concerned about cleavage

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concerned about cleavage

Postby sara farr » June 16th, 2011, 11:58 pm

From the Para las Mujeres! thread...

Jastroch wrote: concerned about cleavage.


Wit, humor, slapstick, and ribaldry are all forms of comedy and can be lots of fun.

Ribaldry is a kind of comedy bordering on indelicacy to gross indecency. It is a genre of sexual entertainment, in addition to pornography and erotica. It is also referred to as "bawdiness", "gaminess" or "bawdry".

However, different generations have different standards for "indelicacy". In the 1930s, it was indecent to show your ankles. In the 80's it was considered indecent to wear camisoles as outter wear (Madonna changed this). Today you can go around in next to nothing and people won't comment.

And the standards ARE very different for men and women.

Rarely do you see men on stage with tight Speedos or Hotpants in danger of exposing themselves. The worst is they may wear jeans that are so low they expose part of their rump.

If an imp performs with an outfit that borders on exposing themselves, the audience, and their fellow players, will be distracted. Just as you don't want the audience being concerned for your physical safety, you don't want them concerned that you will inadvertently expose yourself. It can be both sensational and awkward.

The same thing happens when players impose intimate or sexual contact on their fellow players. In a show where you are playing with strangers and don't know the comfort level of the other players, this kind of physical contact can be offensive and become awkward rather than fun.

In the end, improvisers need to feel safe on stage in order to be able to take risks. Typically -- unless the cast works together and learns to trust each other -- shows with nudity (or "NEAR nudity" --wink--) become about being exposed physically on stage rather than about the scene-work. And this CAN be fun. However, rarely will improvisers emotionally expose themselves while in a state of undress. Typically, as the clothes come off, emotional barriers come up in a defense mechanism.

Improvisers taking care of themselves on stage will perform in a way that allows them to feel comfortable and confident in their ability to improvise. Improvisers taking care of their scene partners will perform in a way that makes their partners feel comfortable and confident in their ability to improvise. Both kinds of improvisers are fun to play with. Sometimes taking care of yourself and taking care of your fellow players means being sensitive to both what players and audience WANT to see, and what they DON'T WANT to see.

It's a kindness to ask, but in the end, be yourself.
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Postby Jastroch » June 17th, 2011, 1:08 am

Why does this get it's own thread? :)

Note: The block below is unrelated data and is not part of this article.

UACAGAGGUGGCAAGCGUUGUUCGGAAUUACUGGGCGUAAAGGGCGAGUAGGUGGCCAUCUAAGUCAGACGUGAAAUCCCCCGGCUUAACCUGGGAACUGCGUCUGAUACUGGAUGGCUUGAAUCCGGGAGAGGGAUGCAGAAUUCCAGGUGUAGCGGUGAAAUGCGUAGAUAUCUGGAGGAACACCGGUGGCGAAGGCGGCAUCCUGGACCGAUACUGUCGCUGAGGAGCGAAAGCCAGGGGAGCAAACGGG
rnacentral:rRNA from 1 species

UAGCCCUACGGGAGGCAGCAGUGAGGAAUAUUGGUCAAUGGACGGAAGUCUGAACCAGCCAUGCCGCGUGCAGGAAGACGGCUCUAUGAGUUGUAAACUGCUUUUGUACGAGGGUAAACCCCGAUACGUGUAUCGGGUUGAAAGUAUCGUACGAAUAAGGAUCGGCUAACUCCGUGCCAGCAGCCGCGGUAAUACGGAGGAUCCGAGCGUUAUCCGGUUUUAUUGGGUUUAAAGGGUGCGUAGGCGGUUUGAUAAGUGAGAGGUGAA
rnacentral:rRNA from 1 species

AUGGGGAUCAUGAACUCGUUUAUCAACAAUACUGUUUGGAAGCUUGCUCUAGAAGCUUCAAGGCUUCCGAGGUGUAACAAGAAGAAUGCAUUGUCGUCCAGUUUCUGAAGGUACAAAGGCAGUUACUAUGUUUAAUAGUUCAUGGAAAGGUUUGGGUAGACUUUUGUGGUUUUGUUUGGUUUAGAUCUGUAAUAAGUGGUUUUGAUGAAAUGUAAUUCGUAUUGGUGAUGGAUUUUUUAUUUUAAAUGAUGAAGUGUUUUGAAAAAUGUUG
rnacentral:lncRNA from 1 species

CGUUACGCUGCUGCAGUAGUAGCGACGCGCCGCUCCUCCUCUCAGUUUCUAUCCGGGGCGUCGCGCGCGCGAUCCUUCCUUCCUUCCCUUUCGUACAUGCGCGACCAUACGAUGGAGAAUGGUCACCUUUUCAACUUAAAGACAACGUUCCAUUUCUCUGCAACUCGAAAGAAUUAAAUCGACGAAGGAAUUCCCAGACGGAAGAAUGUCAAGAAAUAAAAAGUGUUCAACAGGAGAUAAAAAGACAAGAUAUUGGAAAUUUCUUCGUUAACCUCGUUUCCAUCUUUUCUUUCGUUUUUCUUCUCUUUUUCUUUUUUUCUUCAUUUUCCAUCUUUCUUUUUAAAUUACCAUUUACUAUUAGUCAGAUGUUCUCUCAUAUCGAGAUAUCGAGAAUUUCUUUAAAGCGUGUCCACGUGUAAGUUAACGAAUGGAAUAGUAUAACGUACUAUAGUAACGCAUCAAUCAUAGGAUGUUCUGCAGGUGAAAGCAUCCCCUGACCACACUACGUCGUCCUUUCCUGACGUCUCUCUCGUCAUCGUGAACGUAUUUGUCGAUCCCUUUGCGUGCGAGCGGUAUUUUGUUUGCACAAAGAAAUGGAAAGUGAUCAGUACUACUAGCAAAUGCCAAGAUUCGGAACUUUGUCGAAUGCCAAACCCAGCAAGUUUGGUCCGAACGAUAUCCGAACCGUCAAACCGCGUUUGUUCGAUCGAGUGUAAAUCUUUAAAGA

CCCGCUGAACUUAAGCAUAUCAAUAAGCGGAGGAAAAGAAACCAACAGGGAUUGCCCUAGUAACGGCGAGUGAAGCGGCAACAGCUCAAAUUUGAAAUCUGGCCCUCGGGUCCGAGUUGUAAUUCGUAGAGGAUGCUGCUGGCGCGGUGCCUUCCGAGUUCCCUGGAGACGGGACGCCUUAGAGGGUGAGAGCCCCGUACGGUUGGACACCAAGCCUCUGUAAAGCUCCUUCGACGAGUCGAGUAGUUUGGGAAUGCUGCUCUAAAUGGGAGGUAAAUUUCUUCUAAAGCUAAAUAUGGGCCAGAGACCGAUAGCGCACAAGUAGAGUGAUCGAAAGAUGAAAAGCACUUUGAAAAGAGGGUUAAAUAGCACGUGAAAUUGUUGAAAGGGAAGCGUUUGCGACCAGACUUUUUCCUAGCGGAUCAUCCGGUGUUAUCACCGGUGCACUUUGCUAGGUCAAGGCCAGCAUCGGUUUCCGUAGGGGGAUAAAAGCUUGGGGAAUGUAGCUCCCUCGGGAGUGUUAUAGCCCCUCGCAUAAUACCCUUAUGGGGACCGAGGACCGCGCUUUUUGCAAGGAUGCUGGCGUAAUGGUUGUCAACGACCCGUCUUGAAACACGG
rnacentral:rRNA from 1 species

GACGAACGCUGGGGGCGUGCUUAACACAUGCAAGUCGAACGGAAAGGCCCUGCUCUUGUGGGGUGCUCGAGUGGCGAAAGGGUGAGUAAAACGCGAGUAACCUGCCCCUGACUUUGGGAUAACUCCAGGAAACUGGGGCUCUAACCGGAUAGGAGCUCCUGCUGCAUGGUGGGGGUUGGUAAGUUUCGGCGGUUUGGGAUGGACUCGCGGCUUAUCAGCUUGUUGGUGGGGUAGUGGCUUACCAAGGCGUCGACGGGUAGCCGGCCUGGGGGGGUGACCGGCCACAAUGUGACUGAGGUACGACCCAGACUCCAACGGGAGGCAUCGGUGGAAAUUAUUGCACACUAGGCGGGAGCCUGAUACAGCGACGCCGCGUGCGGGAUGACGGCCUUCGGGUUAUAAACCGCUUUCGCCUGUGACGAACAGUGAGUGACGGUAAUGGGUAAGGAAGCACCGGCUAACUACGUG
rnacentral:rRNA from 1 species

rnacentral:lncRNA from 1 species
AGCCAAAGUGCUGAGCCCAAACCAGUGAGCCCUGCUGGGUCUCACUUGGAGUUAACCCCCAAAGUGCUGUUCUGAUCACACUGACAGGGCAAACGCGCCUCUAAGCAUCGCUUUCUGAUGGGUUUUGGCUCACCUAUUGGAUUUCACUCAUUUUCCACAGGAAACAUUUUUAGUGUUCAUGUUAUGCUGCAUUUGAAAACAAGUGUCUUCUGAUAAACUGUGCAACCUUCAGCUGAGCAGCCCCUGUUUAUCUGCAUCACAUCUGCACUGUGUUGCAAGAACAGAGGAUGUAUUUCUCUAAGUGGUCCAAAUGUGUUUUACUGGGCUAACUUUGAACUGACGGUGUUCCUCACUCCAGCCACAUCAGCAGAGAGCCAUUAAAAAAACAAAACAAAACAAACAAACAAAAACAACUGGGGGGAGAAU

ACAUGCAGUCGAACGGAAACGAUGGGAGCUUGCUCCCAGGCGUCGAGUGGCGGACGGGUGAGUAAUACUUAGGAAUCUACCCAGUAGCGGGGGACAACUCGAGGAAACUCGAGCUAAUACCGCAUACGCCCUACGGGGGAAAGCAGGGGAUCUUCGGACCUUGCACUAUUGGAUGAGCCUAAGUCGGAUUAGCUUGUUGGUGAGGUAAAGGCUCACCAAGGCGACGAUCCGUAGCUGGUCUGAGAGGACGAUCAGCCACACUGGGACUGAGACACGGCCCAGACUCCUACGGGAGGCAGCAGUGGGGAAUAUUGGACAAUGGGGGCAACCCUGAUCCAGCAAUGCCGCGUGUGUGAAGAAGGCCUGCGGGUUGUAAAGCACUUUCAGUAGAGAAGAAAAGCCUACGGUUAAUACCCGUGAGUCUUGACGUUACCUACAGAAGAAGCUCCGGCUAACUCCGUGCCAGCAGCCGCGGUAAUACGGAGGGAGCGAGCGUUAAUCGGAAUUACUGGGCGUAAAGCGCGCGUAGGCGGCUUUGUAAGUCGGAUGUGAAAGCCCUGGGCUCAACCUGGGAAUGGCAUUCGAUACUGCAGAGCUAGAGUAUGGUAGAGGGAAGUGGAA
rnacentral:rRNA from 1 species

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Re: concerned about cleavage

Postby Katherine » June 17th, 2011, 2:53 am

sara farr wrote:Improvisers taking care of themselves on stage will perform in a way that allows them to feel comfortable and confident in their ability to improvise. Improvisers taking care of their scene partners will perform in a way that makes their partners feel comfortable and confident in their ability to improvise. Both kinds of improvisers are fun to play with. Sometimes taking care of yourself and taking care of your fellow players means being sensitive to both what players and audience WANT to see, and what they DON'T WANT to see.

It's a kindness to ask, but in the end, be yourself.


YES!
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Postby PyroDan » June 17th, 2011, 7:35 am

I've been to a couple fests, where some ... um...hum... gifted women became distracting as my attention varied from the content of the scene to the content of their blouse. Mainly because it was obvious these ladies still shopped in the Juniors section and not Women's.

I am also bothered by men's underwear often making an appearance.
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Postby Pdyx » June 17th, 2011, 9:40 am

PyroDan wrote:I am also bothered by men's underwear often making an appearance.


Yeah, I have several shirts that are plain and would be nice for improv, but if I lift my hands up toward the ceiling, my underwear (or at least my belly/back) is exposed. No can do. I want full range of motion with minimal exposure.
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Re: concerned about cleavage

Postby Marc Majcher » June 17th, 2011, 10:02 am

sara farr wrote:Typically, as the clothes come off, emotional barriers come up in a defense mechanism.

Super true. You could probably even extrapolate that to any kind of "shock" move like that, physical, verbal, or whatever. Quick, do something to get a laugh, or they'll see right through you!

This is something that we've been specifically working on in LNI. Not to downplay the physical nudity part, but I have on more than one occasion described the show as almost more about being emotionally naked than just showing skin. (There's also the "behind the scenes" audience interaction bit that plays into the title well, but that's another thing.) If it were simply about taking clothes off and pushing boundaries that way, I probably wouldn't have signed up for it. As it stands, I hope that people coming to see us will be as impressed, if not more, by the emotions and connectedness of the scenework than "omg, I saw that dude's dick!"

(Although you're totally going to see someone's dick. Just saying.)
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Postby Deano » June 17th, 2011, 11:44 am

This should have been called the Beavis and Butthead thread! :) If you can't concentrate on a scene because of some Ladies tits, that's YOUR problem not hers.

Maybe Women should all wear burkas on stage (and no necklaces or shorts for men!)
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Postby Brad Hawkins » June 17th, 2011, 12:19 pm